Will absence of ratings hurt the news industry?
Experts believe the real impact will only be visible post the festive season and BARC’s move is expected to hit smaller channels more than the leading ones
In an unexpected announcement, the Broadcast Audience Research Council (BARC) India on Thursday said it was suspending news television viewership ratings for three months. News ratings have been under the scanner for a week since the Mumbai police registered a case and hinted at possible tampering in ratings.
While BARC’s move aims at reviewing and augmenting the current standards of measuring and reporting the data of niche genres, a few wondered if the timing of the exercise will hit the revenue of the channels further at a time when they are hoping to recover from the Covid crisis.
Anupriya Acharya, CEO, Publicis Groupe South Asia, however, believes any impact if at all will be temporary and negligible. “BARC temporarily hitting the pause button on the ratings of news channels should be viewed as a positive step because it helps both BARC and the industry reflect, take stock and bring in corrective action if and as needed. It should also help in removing any apprehensions that various parties may have. As for any impact on the genre, since it is a temporary suspension of ratings for some weeks, we do not expect much adverse impact. The news genre overall has been doing very well in terms of viewer interest, especially in the Covid-19 environment.”
Echoing similar views, another senior leader said while the impact on bigger channels will be marginal smaller channels might see a significant hit, particularly post the festive season.
“The broadcast industry, which had been hit hard by Covid, was pinning its hopes on the festive season. This was the quarter to recover losses made early this year. However, in the absence of ratings, there is a possibility of advertisers putting pressure on them to lower their rates. Moreover the move should impact the smaller channels more than the bigger ones who actually have landed everyone in the crisis,” said a senior media agency leader.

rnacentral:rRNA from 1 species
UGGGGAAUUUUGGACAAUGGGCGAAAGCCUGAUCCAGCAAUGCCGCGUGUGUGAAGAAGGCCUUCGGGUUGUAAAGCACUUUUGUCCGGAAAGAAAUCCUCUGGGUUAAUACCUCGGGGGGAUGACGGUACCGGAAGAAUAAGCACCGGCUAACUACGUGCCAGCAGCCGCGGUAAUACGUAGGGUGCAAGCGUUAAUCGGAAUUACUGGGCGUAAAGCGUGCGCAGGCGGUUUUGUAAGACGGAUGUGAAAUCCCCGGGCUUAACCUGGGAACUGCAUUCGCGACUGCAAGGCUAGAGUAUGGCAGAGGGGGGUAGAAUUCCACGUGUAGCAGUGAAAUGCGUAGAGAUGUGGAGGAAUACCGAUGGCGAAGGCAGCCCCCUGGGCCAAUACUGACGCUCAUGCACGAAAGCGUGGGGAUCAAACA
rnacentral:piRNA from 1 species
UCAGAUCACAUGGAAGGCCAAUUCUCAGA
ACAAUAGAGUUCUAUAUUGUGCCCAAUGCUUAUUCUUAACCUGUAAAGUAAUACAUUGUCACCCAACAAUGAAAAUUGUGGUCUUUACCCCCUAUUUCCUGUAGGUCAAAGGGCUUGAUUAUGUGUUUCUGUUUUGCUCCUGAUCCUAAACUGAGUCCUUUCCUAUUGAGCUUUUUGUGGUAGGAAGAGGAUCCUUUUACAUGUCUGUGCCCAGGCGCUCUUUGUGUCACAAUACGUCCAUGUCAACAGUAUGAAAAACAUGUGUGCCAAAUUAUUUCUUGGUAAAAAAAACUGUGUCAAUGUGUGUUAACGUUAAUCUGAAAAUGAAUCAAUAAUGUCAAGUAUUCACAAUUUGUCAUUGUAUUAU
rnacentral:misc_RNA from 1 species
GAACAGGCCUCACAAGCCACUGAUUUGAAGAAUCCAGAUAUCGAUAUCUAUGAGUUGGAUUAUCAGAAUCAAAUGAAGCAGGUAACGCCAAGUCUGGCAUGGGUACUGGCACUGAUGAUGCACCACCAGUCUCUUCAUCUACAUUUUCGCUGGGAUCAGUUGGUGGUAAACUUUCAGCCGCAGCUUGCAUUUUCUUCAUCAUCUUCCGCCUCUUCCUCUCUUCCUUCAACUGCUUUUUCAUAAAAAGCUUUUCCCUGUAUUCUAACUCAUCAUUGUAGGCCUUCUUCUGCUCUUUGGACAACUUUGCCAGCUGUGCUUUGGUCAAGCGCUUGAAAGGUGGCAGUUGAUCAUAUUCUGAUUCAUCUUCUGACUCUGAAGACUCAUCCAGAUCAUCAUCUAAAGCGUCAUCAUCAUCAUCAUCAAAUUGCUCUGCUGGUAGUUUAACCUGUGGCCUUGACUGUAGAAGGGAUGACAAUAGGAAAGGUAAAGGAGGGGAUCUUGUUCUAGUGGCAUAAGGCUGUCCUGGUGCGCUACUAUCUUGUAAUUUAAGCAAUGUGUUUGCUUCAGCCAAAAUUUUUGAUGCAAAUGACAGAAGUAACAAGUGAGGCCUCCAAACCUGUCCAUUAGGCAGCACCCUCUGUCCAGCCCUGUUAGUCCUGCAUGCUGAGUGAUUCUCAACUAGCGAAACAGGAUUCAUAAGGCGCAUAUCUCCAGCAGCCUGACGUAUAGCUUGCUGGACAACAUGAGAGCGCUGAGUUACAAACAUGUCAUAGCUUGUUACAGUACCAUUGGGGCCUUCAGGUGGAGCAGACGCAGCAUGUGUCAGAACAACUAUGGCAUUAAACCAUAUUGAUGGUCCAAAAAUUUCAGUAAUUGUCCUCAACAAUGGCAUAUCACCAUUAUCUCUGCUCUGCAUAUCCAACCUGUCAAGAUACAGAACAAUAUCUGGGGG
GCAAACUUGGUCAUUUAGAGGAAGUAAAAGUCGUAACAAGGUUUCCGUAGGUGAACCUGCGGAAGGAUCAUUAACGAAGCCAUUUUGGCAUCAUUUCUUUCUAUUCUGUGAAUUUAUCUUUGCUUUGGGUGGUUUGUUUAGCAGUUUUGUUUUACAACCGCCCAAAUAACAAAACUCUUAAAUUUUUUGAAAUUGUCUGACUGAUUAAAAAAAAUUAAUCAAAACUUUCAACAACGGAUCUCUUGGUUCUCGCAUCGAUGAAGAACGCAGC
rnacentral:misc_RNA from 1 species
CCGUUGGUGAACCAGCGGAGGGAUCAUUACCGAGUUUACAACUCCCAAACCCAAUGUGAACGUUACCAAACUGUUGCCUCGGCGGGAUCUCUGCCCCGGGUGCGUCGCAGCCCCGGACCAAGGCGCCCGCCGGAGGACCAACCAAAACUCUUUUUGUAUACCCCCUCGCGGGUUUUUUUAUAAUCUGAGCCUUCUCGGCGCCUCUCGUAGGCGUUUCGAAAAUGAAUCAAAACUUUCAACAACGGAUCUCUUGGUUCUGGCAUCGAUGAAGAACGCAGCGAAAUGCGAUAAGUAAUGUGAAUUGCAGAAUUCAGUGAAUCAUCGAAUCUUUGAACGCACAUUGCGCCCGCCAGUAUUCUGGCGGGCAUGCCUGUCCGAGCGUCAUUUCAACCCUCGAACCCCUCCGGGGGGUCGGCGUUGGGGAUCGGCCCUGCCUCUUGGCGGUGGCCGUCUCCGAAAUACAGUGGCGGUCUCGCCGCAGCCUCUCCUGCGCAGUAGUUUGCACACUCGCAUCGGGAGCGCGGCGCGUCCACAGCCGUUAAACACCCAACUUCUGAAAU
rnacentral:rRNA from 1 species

According to Karan Taurani, VP – Research Analyst (Media), Elara Securities, “Since it has come during the festive time it may have some impact on the advertising money. Nonetheless, number one and two channels as per the BARC ratings will be favoured as compared to the other channels which keep moving up and down in the ratings tally.”
However, most industry experts maintained that the real impact of the decision will only be visible post the festive season. “Most of the media planning is done on the basis of an average of 8-10 weeks of data. So the real impact will only be seen post festive season,” said a media planner.
“Festive season is not that big for the news genre, as it is more event based. Anyway, the spends were shifting away from news to IPL and other non-fiction properties. Even if there is a negative impact it will not be primarily because of BARC suspending ratings,” Taurani added.
Another senior analyst maintained that the suspension of ratings won't have a significant impact in terms of advertising revenue but may put the credibility of television as a medium in question. “TV is still the largest medium for advertisers in our country. Even if a segment of TV ratings is under the scanner, it is bad for the overall industry,” he noted.
Industry experts claimed that a similar proposal was floated by the erstwhile BARC management three years back but could not be implemented due to a lack of consensus. “News genre contributes 10 per cent to the BARC revenue but 90 per cent to its problems,” said an industry observer on a lighter note.
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